New mental health practice support program module to launch June 2009

Issue: BCMJ, Vol. 51, No. 5, May 2009, page(s) 155 GPSC
Greg Dines

An incentive payment introduc­­ed last year to acknowledge the efforts of family physicians in caring for their mental health patients will soon be complemented by a Practice Support Program (PSP) module offering specialized training and support.

Both the incentive payment and the new module are programs of the joint BCMA­–­­Ministry of Health Services General Practice Services Committee (GPSC). The module, with $2.5 million funding from GPSC, launches in health authorities across the province this June.

“Family physicians treat the vast majority of people who have mental health issues, and these issues are often complicated,” says Liza Kallstrom, BCMA lead, Change Man­agement and Practice Support. “This module will meet a huge demand for specific support and training related to the screening, diagnosis, and treatment of patients who need mental health care.”

The mental health practice guide: Addressing current challenges
Although the primary health care system is the appropriate home for much of mental health care, both physicians and patients experience challenges with the current situation in BC. As an example, most mental health patients have more than one issue, but these issues—and the way in which they interlink—are difficult to diagnose and address in a short visit and without special training. Substance use, for instance, is common in mental health patients, but is frequently not addressed. Another challenge is organizing a patient’s issues in order to address them systematically. Yet another difficulty is lack of knowledge of patient resources, resulting in more medications than may be necessary, and potentially inappropriate referrals.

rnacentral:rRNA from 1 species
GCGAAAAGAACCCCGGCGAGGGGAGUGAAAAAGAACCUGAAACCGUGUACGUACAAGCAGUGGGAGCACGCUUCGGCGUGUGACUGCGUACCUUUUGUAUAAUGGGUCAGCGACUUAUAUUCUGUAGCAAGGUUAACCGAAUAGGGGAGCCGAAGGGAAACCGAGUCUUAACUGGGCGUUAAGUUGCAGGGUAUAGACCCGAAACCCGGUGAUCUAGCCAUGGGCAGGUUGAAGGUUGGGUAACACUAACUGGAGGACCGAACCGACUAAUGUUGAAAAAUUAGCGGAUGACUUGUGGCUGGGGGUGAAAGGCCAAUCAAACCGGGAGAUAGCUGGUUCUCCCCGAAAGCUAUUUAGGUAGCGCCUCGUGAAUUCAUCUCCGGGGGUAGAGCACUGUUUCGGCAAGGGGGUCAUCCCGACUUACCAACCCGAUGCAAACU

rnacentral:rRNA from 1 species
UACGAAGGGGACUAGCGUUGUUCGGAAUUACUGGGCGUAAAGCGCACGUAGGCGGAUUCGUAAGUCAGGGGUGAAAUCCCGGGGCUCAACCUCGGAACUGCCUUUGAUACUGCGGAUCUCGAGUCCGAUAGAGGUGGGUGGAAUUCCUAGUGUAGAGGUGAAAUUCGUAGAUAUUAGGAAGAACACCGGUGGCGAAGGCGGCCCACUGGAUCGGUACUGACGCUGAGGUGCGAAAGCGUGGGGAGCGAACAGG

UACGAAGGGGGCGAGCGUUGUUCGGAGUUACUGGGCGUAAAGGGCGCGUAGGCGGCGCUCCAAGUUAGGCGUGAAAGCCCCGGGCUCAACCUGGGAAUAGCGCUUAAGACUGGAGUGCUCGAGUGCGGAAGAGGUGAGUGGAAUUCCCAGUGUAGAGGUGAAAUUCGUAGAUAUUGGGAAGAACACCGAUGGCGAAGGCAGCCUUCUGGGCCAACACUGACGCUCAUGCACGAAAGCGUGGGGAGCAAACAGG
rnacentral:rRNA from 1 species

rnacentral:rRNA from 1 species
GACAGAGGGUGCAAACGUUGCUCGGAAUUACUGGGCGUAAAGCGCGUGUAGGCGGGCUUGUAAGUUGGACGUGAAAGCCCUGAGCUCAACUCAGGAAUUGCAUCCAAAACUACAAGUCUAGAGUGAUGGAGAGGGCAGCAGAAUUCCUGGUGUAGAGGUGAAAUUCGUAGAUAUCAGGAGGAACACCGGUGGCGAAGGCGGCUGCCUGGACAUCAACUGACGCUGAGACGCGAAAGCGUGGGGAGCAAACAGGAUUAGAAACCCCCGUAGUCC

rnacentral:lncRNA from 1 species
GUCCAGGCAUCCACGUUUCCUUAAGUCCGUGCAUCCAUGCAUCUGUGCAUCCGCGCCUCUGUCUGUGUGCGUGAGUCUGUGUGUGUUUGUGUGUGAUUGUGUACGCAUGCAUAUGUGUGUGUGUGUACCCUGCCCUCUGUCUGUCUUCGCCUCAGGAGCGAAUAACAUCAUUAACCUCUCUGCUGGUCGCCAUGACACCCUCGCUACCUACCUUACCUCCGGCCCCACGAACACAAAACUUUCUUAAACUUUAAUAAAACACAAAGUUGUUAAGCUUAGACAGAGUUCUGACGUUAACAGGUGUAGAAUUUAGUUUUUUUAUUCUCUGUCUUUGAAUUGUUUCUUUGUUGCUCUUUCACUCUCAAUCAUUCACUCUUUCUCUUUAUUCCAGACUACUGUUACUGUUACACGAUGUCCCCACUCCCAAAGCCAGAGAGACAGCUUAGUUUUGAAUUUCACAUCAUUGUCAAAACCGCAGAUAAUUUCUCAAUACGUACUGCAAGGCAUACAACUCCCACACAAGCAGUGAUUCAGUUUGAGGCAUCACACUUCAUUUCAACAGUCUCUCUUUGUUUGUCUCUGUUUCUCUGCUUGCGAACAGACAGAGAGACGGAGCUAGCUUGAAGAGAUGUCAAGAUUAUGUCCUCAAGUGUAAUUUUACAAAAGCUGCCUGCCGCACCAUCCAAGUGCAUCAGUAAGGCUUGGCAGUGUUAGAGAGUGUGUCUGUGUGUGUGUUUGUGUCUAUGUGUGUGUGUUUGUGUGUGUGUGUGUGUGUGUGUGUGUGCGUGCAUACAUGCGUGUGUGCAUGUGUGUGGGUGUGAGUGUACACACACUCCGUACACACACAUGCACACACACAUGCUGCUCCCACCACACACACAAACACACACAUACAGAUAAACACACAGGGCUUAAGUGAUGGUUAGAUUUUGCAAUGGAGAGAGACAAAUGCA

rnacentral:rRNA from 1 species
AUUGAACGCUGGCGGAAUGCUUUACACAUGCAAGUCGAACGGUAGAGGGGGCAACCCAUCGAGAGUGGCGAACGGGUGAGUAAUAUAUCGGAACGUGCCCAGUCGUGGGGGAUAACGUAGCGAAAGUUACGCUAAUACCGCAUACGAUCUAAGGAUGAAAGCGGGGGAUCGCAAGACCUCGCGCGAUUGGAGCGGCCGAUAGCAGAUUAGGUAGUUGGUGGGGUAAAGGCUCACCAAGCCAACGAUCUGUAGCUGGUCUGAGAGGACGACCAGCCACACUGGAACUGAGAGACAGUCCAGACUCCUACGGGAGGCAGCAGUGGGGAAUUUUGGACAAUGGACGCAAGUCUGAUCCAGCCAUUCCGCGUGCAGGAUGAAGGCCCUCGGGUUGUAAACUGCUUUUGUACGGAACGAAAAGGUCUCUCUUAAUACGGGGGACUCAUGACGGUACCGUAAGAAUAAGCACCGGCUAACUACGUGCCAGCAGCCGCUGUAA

The new PSP module will address these and other challenges in mental health practice, says Ms Kallstrom. “The module offers simple quality improvement approaches that doctors and their medical office assistants can use in real time as part of patient visits or counseling sessions,” she says.

Among its resources, the program introduces common screening scales, a tool for organizing patient issues, a cognitive-behavioral skills tool, telephone coaching for mood management, and a patient self-management workbook. “And of course the program is underpinned by the PSP module approach, which involves learning sessions interspersed with action periods to test new skills and knowledge,” says Ms Kallstrom.

The module’s implementation will be monitored and evaluated carefully, with measures of success including:

• Increased physician confidence in managing depression and other mental health conditions.
• Patient satisfaction.
• Increased referrals to community programs.
• Increased number of patients with a care plan.
• New and enhanced relationships between physicians and mental health clinicians.
• Medical office assistant confidence in dealing with and assisting mental health patients.

Launching the module: Engaging champions and mental health experts
GPs and medical office assistants recruited as mental health module champions attended a train-the-trainer session in early April. After an action period in which they implement what they learned in their own practices, a second session—on coaching—takes place in May.

“The idea is that our champions learn and try out new clinical skills first, to discover what works and what needs to be modified,” says Ms Kallstrom. “Then, in the second session, they focus on supporting the provincial roll-out.”

The module involves three half-day learning sessions with two intervening action periods. The uniqueness of the module is the support of mental health clinicians and psychiatrists in addition to GP and MOA champions, during the action periods and on­going. “We see the support of mental health experts as vital for physicians and MOAs in such a complicated area of care,” says Ms Kallstrom.

The mental health module is one of five modules offered through the GPSC’s Practice Support Program (others are advanced access, group visits, managing patients with chronic diseases, and patient self-management). As well as the PSP, the GPSC administers approximately $100 million annually through incentives in four areas of primary health care: chronic disease management, maternity care, end-of-life care, and mental health care. For more information visit

—Greg Dines
Senior Program Ad­visor, BCMA Professional Relations